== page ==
06/10/2010 11:00PM

Apprentice Franco making up for lost time

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VANCOUVER, British Columbia - Apprentice jockey Geovanni Franco is hoping his win aboard Dyna Stroll for trainer Troy Taylor in the $54,790 Jim Coleman Province for 3-year-olds last Saturday will help propel him to better mounts at the meet.

Franco was the leading apprentice at Hastings in 2009, and figured to be among the leading riders here this year. Instead, he didn't arrive here until a couple of weeks ago, and most of the quality mounts were already spoken for. He picked up the mount on Dyna Stroll when Mario Gutierrez opted to ride Cherokee Notion, who is also trained by Taylor. Gutierrez gets his choice of Taylor's horses, and he miscalculated Dyna Stroll's readiness to win going 6 1/2 furlongs.

Franco, 19, had plenty of success at Hastings last year despite arriving here well after the meet began. He began his career at Mexico City, where he rode 40 horses and won three races before arriving at Hastings in late June. His season took off after he booted home a couple of longshots in early July, and he won 30 races from 230 starts. Geovanni also won a stakes aboard Ganbei in the Derby Trial. He gave Dyna Stroll a perfect ride from off the pace to win the Jim Coleman Province by a neck over Sense of Humor.

After his success at Hastings last year, Geovanni was hoping to break in at Santa Anita this winter. Immigration problems held him up, though, and once again he was trying to play catchup when he arrived there at the end March. He did win one race from 18 mounts.

"I was supposed to be there on opening day," Franco said. "But my attorney had trouble getting all of the correct papers for me to ride in the United States. It was hard to get started. They have a lot of very good jockeys, and there were so many short fields that there just weren't many mounts available. I had the same agent as Martin Garcia, and there were just too many jockeys and not enough horses to ride. I just couldn't get going."

Franco decided to head north to Golden Gate, where the problem was even worse.

"That was a complete waste of time," Franco said. "I am glad to be back at Hastings, and it was nice to win the stakes last weekend."

One of the many positives for Franco is his light weight. He can tack 105 pounds, and with a lot of horses getting ready to stretch out for the first time this year, he should be very popular. He will also help fill the void with jockeys April Friesen and Robert Skelly out with injuries.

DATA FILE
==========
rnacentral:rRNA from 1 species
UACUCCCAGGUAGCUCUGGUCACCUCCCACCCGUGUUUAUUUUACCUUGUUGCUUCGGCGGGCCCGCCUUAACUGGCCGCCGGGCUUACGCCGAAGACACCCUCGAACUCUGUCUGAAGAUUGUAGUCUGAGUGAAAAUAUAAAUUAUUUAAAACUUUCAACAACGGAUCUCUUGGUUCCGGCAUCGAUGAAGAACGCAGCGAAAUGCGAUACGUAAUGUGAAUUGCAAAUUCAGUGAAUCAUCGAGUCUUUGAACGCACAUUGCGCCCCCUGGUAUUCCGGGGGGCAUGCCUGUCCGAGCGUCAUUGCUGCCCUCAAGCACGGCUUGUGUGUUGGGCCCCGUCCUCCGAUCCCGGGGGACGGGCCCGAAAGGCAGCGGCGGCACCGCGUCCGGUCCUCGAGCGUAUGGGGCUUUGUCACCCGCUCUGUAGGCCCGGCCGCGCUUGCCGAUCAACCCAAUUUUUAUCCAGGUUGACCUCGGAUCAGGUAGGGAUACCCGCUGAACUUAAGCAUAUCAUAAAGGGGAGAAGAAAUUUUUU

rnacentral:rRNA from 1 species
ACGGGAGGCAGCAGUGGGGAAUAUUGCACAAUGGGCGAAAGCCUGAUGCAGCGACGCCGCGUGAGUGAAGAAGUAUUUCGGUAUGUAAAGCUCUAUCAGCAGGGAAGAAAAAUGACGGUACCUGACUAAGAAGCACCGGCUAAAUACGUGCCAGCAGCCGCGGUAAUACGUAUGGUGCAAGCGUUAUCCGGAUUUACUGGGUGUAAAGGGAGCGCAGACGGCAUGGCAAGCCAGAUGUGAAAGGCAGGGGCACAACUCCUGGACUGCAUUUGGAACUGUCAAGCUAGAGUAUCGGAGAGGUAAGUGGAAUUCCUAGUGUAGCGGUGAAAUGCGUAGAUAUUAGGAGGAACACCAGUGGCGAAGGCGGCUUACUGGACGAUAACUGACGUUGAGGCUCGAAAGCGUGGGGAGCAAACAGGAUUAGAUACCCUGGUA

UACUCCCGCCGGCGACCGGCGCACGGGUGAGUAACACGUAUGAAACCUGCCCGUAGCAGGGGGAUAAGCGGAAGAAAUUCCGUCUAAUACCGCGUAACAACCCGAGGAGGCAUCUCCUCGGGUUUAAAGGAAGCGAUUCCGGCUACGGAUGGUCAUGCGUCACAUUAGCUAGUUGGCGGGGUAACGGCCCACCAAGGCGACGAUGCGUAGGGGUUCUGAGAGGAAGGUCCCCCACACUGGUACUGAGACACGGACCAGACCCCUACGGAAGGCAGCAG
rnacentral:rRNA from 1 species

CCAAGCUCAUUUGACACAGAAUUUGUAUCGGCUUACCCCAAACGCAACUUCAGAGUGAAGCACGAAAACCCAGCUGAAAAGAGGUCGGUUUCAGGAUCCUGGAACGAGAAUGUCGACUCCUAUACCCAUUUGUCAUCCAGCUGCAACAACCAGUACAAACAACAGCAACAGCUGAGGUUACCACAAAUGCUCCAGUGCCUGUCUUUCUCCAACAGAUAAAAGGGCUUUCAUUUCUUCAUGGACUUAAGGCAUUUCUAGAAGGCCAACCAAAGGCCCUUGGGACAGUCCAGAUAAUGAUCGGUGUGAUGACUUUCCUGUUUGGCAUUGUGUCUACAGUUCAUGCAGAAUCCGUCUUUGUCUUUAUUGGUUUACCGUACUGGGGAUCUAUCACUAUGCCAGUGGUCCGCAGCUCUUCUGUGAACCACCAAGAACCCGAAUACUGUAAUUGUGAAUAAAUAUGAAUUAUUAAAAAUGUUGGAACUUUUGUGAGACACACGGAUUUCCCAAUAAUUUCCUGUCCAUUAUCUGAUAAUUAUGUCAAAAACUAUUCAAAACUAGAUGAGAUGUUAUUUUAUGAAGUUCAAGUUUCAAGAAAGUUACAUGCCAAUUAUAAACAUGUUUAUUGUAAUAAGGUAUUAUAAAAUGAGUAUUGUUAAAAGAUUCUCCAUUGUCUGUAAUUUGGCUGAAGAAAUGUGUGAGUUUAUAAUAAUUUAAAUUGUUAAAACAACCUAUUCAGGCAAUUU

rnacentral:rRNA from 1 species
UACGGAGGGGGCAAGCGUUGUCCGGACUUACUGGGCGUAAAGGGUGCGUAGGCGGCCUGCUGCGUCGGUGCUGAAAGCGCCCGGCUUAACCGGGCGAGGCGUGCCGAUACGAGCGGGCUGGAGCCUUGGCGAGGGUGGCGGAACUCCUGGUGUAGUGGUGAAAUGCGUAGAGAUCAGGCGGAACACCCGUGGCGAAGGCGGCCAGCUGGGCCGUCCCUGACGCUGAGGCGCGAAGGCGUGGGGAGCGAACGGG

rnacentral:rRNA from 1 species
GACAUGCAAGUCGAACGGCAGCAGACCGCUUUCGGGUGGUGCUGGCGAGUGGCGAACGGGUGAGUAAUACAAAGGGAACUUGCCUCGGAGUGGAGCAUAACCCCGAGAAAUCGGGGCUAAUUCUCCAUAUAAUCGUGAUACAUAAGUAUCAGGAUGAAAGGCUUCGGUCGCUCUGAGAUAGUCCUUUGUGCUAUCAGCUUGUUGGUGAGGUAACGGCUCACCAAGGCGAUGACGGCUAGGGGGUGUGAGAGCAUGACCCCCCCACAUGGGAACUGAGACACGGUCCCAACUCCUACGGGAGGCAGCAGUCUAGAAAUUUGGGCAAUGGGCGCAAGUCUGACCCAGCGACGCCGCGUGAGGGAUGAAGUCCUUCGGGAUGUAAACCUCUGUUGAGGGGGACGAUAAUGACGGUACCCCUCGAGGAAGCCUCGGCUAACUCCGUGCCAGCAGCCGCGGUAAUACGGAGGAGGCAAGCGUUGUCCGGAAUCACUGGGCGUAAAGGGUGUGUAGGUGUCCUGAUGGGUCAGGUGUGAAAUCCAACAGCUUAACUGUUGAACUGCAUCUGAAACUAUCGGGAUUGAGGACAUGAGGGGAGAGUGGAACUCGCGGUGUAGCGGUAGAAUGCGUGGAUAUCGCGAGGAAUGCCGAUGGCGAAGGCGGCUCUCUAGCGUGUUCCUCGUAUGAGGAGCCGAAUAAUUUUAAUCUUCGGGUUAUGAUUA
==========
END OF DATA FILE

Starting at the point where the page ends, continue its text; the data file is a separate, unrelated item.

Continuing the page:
Heads due to end 0-for-40 slump

Despite being in the worst slump of her career, trainer Barbara Heads hasn't lost her sense of humor.

"I thought I was struggling when I was 0 for 17, but now what is it?" she said. "It is kind of like not having sex for a long time. When I finally do win a race I am really going to enjoy it."

The number Heads was looking for is 40, but there is an excellent chance she will get off the schneid this weekend. She has a lot of horses who are well spotted, and she is certainly due. One of the horses entered, Montero, looks very live in the first race Sunday and has been installed as the 9-5 morning-line favorite. Montero is coming off of a second-place finish in a $17,500 claiming race for fillies and mares going 6 1/2 furlongs May 21 and should move forward in her second start of the year. She is also dropping in price to $12,500 and coming back at the same distance. Montero won four races at Hastings last year.

"Shh," she said. "Don't jinx me."

There isn't much doubt that Heads will start winning soon. She has compiled a 316-277-295 record from 2,036 starts in her career, and she tied with Terry Clyde as leading trainer here in 2006. Last year, she finished second in the standings with 39 wins.

Huitzilopochtli's return unclear

Trainer Juan Olmos said it will be a while before last year's local 2-year-old champion, Huitzilopochtli, will make it back to the races. Huitzilopochtli won four stakes in a row last year, and his only loss came when he tried to stretch out to 1 1/16 miles in the Ascot Graduation.

"He developed some kind of rash on his shin, and the hair wouldn't grow back," Olmos said. "He's just starting to come around now, and he should go back in training in a couple of weeks. I really can't say when he'll make it back to the races, though."